Top 5 Tips - Flight Training

by Joe Lombardi on Feb 16 2019
My name is Joe Lombardi, I am a Line Check Instructor at L3 Airline Academy in Sanford, Florida. I began training at the Academy in February 2017. Some of you may be lost and in need of some advice about how to get through flight training, which is not the easiest process to get through. So here are my top 5 tips:

1) Choose the right environment
There are various routes for flight training at different types of flight schools. For example, in the USA, flight schools are broken down into two categories, Part 61 and part 141. Part 61 flight schools are normally ones that you can find at your local airport. These are usually not fast paced, but, more of a ‘go with the flow’ style of training. I did my private pilot part 61 in New York and had a good experience. I did though choose to go to L3, a part 141 school, for a few reasons. One being that it was way more structured than my part 61 school. L3 also has more fast paced progression. This is good if you’re trying to get to the right-hand seat of a regional airliner fast. Elsewhere in the world, there are differences between Integrated courses and Modular routes of training, so it is important to find the right route for yourself. My old instructor at my school in New York recommended me to go to L3 because he thought I was able to handle the pace. 141 schools are much more demanding that part 61 schools, but in my opinion they’re more than worth it.

2) Get good at studying
Unfortunately for me, when I came to the Academy, studying was not a strong point of mine, and my learning curve was exponential. You really have to create good study habits if you want to succeed in any level of flight training. And trust me, there is a lot to study. Between airspace, weather, regulations, performance, aerodynamics, the list goes on forever. For me, creating notecards were the way to go. Re-writing information and reading it again and again really helped my knowledge. It’s also such a satisfying feeling when you do well in your oral exams because you know the material. That makes all of the late nights of studying worth it.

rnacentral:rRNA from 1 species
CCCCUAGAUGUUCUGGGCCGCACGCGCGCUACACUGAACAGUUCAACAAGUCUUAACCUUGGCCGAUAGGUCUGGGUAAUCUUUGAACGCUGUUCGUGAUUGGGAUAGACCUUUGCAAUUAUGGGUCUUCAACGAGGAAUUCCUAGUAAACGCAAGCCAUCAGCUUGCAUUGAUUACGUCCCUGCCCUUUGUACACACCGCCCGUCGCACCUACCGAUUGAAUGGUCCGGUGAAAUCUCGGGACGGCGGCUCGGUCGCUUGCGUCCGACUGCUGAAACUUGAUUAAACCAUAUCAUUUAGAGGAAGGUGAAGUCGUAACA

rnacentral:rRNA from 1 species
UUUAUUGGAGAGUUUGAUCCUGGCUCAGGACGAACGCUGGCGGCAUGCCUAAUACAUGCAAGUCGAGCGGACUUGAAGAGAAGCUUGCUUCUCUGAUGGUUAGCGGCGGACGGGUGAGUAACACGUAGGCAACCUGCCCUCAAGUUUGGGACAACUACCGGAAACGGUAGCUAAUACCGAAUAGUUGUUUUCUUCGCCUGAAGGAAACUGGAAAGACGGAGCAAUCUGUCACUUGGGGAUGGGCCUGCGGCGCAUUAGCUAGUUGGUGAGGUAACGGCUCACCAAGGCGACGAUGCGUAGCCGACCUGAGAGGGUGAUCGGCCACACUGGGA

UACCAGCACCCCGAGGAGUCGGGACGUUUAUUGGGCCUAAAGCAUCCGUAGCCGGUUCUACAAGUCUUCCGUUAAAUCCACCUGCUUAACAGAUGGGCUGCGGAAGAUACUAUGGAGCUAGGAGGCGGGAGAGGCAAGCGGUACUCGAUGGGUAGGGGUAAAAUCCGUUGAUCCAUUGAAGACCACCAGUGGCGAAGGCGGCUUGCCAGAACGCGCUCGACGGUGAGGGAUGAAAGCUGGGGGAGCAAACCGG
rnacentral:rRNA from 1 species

3) Enjoy failure
This may sound strange, but there is no better way to learn than failing. And there is no perfect pilot on this planet. You have to enjoy being broken down and built back up. Some of my most important lessons have been learned by making mistakes - you just have to learn from them. When I was training for my Multi Engine Instructor rating I had 1,000 hours. Did I make mistakes? Oh yeah. But when you come back and succeed you have an overwhelming feeling of satisfaction. So, learn to enjoy the failure because it can be used to your advantage.

4) Have passion
You are going to spend a lot of money on flight training and put in an unbelievable amount of time and energy, so make sure this is what you want to do for the rest of your life. Even on long days at work of four or five flights, I will always catch myself saying, “I can’t believe this is my job.” For most of us, it goes back to when we were young children and someone took us to an air show or the airport and we knew that this is what we want to do for the rest of our lives. You have to bring yourself back to that moment when there are down times and remember what brought you to this point - your passion for aviation!

5) Enjoy the journey
Live in the moment. We are sometimes so busy watching out for what’s just ahead of us that we don’t take time to enjoy where we are. You can be grinding away trying to get to the right seat of a wide body jet, that when you get there you’ll realize you didn’t enjoy the time spent leading up to getting you there. I know it’s tough seeing people getting to where you want to be, but if you just focus on yourself and what you’re doing you will get there. Just take the time to appreciate that what you’re doing, whether you’re a student pilot or a flight instructor, not many people get to do what you do. Life is a journey, not a destination, enjoy it!